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Of the millions of female runners across the United States, only six of them are members of the Marathon Grand Slam Club. And it’s no wonder, considering the intense requirements for membership. In order to be considered, one must complete a marathon distance or longer on each of the seven continents—and on the Arctic Ocean.
While running a marathon in Europe or Australia isn’t too difficult, competing in Antarctica and on the Arctic Ocean proves to be a bit more challenging—and frigid. But while 25 U.S. women are recognized as having run a marathon on all seven continents, only six of them can claim membership in the Marathon Grand Slam Club.
So what gives? For starters, there’s only one marathon on the Arctic Ocean: the FWD North Pole Marathon (and it’s not cheap). Entry, which includes a flight from Norway to the North Pole, costs almost $19,000. That, coupled with the cost of the 25+ items on the list of recommended running gear, brings the cost to well over $20,000.
But if you do have the funds to cover it—and don’t mind bone-chilling temperatures—the North Pole Marathon can be a once-in-a-lifetime experience. According to the race website, it’s “the only certified marathon that is run entirely ‘on’ water, the frozen water of the Arctic Ocean.” It’s also recognized as the Northernmost Marathon on Earth.
First run in 2002, the North Pole Marathon was started by Richard Donovan, who ran the marathon distance on his own and became the first person to run a marathon on both the North and South Pole. Since then, the race has grown modestly in popularity. The 2018 race had a total of 60 competitors with the champion, Argyrios Papathanaspoulos, traveling from Greece to win in 4:34. The temperature was -27.4 °F at the start line.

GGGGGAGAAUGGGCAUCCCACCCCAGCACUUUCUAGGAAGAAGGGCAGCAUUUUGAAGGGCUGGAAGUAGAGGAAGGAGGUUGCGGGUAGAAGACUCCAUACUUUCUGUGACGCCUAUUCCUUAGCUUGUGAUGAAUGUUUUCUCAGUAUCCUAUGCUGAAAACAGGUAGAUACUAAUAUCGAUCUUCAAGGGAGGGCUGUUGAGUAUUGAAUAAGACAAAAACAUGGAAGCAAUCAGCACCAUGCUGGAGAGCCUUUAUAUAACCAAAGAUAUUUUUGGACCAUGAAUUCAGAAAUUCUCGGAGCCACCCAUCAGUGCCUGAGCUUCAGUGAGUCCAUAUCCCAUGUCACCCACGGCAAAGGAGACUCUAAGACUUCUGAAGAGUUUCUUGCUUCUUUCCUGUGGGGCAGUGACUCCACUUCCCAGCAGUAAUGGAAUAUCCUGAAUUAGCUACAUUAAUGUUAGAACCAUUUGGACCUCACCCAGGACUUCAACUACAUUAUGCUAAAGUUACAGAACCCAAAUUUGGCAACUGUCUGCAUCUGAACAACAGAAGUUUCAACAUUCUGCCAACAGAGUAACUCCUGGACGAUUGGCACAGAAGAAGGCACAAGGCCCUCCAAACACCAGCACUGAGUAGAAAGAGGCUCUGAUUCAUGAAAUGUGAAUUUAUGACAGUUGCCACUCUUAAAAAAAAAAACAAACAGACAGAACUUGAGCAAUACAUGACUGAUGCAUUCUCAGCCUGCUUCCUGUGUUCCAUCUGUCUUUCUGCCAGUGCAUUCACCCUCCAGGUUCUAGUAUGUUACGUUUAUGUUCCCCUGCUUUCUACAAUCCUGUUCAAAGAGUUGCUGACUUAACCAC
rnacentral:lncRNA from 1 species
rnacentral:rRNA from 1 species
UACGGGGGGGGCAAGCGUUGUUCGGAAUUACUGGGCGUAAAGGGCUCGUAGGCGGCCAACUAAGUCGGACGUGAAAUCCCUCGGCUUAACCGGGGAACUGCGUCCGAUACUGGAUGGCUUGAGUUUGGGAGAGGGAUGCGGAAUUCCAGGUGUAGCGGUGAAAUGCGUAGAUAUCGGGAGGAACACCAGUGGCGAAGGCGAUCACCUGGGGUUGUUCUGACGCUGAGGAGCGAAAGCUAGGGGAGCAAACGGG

Neither the cold temperatures nor the cost have dissuaded determined runners over the years. The race has welcomed three blind athletes and one wheelchair athlete, who completed the race distance on the aircraft runway. The most senior of North Pole Marathon participants, Michel Ribet, ran in 2016 at the age of 78.
If you’re interested in adding your name to the prestigious list of North Pole marathoners, you’re in luck. Registration for the 2019 race, to be held on April 9, is now open. And there’s no better time to start training than in the dead of winter. Keep in mind though, as much as you may feel like you’re running “in the arctic tundra” this winter, the chilliest of winters is no match for a warm spring day at the North Pole.